I often wish I was a Stepford Wife

When I was pregnant, one of the things I feared the most was that having a kid would turn me into a Stepford Wife.

My vision of a Stepford Wife is definitely a caricature. She’s a woman whose entire life revolves around her children. She has no hobbies, no passions, outside of raising her children. She drives a minivan and buys disposable everything at Wal Mart. She has no interest in recycling, buys whatever cleaning products are cheap regardless of what’s in them, and watches reality television to unwind. She hasn’t read a book or seen a movie in two years unless it was created for children. Her only friends are other moms, and they only talk about their kids. In fact, they only get together for playdates, they never just go out to have dinner or something.

I don’t think there are actually any women like that, and I’m not trying to insult anyone whose life looks more like that than mine does. It’s just so not me. I was afraid I would lose my self, the self that cares very deeply about the environment and corporate social responsibility (even when I’m not always 100% doing what I know I should), has quite a few hobbies, and greatly enjoys checking things off lists. I wondered if I would turn into a person who could spend an entire day deeply engrossed in the gurgles of a baby and report a deep feeling of personal satisfaction. Would the baby turn into my whole world and the person who I had been before would just drift away?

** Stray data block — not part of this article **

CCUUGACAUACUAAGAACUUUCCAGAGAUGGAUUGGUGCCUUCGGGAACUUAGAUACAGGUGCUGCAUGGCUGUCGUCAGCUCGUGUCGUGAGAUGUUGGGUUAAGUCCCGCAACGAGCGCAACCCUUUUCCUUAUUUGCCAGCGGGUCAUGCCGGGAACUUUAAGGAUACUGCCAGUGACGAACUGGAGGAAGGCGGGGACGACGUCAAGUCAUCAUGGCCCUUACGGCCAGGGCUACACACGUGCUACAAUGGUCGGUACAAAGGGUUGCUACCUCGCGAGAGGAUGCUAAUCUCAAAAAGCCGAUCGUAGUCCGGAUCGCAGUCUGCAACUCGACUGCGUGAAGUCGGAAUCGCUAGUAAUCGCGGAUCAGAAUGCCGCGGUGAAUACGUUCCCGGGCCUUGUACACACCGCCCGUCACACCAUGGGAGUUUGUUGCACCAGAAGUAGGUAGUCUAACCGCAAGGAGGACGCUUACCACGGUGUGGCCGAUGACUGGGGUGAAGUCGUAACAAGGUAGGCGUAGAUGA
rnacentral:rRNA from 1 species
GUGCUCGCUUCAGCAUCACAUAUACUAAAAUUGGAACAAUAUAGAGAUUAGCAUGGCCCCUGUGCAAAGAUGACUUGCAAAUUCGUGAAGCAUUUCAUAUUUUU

Since I was likely going to stay at home with Boy Detective and I was worried that this would somewhat limit my conversational topics, I asked C-Man if he would still be interested in talking to me if all I talked about was the kid.

He said “Well, you can talk sh#t pretty well, so I assume you would still have that going for you.”

It turns out that he was right. I do talk sh#t pretty well, and motherhood hasn’t put much of a dent in my tendency to do so. And even when I was at home full time, the baby did take naps, so the internet was my friend and I was pretty aware of the world and could hold a conversation that did not involve diapers or laundry.